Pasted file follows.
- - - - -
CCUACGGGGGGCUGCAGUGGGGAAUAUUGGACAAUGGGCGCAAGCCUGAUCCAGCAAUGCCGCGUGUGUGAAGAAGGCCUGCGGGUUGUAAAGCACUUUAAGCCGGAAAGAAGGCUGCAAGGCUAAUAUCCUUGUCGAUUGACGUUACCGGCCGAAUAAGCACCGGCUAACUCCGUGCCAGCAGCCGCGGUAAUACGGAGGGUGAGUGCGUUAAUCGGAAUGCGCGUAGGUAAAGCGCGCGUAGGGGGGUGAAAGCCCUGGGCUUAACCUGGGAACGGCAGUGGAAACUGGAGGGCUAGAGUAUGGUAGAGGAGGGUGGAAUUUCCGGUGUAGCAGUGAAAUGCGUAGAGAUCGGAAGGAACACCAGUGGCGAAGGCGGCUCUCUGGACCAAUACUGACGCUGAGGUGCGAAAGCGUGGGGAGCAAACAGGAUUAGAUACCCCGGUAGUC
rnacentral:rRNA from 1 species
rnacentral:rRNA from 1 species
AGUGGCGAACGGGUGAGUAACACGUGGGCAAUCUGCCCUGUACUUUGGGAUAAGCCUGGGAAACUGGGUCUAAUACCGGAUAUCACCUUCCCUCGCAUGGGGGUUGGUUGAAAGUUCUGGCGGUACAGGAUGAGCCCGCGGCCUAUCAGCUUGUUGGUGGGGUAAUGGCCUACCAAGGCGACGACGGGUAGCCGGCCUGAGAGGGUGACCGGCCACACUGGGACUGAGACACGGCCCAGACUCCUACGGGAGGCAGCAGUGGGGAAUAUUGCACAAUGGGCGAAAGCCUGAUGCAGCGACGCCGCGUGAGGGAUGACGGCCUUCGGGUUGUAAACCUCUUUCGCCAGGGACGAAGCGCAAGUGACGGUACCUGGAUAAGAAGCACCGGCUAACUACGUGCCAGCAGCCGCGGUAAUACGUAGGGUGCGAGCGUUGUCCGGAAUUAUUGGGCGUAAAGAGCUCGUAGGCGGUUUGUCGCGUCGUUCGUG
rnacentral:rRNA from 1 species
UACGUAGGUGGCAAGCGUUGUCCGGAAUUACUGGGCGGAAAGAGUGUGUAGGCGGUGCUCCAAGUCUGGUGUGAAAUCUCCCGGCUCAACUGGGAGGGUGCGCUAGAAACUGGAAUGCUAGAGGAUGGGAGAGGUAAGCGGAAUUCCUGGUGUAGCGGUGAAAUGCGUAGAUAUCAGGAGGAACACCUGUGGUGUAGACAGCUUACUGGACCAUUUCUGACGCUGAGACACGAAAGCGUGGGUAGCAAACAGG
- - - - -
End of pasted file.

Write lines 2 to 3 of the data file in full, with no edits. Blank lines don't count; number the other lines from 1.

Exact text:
rnacentral:rRNA from 1 species
rnacentral:rRNA from 1 species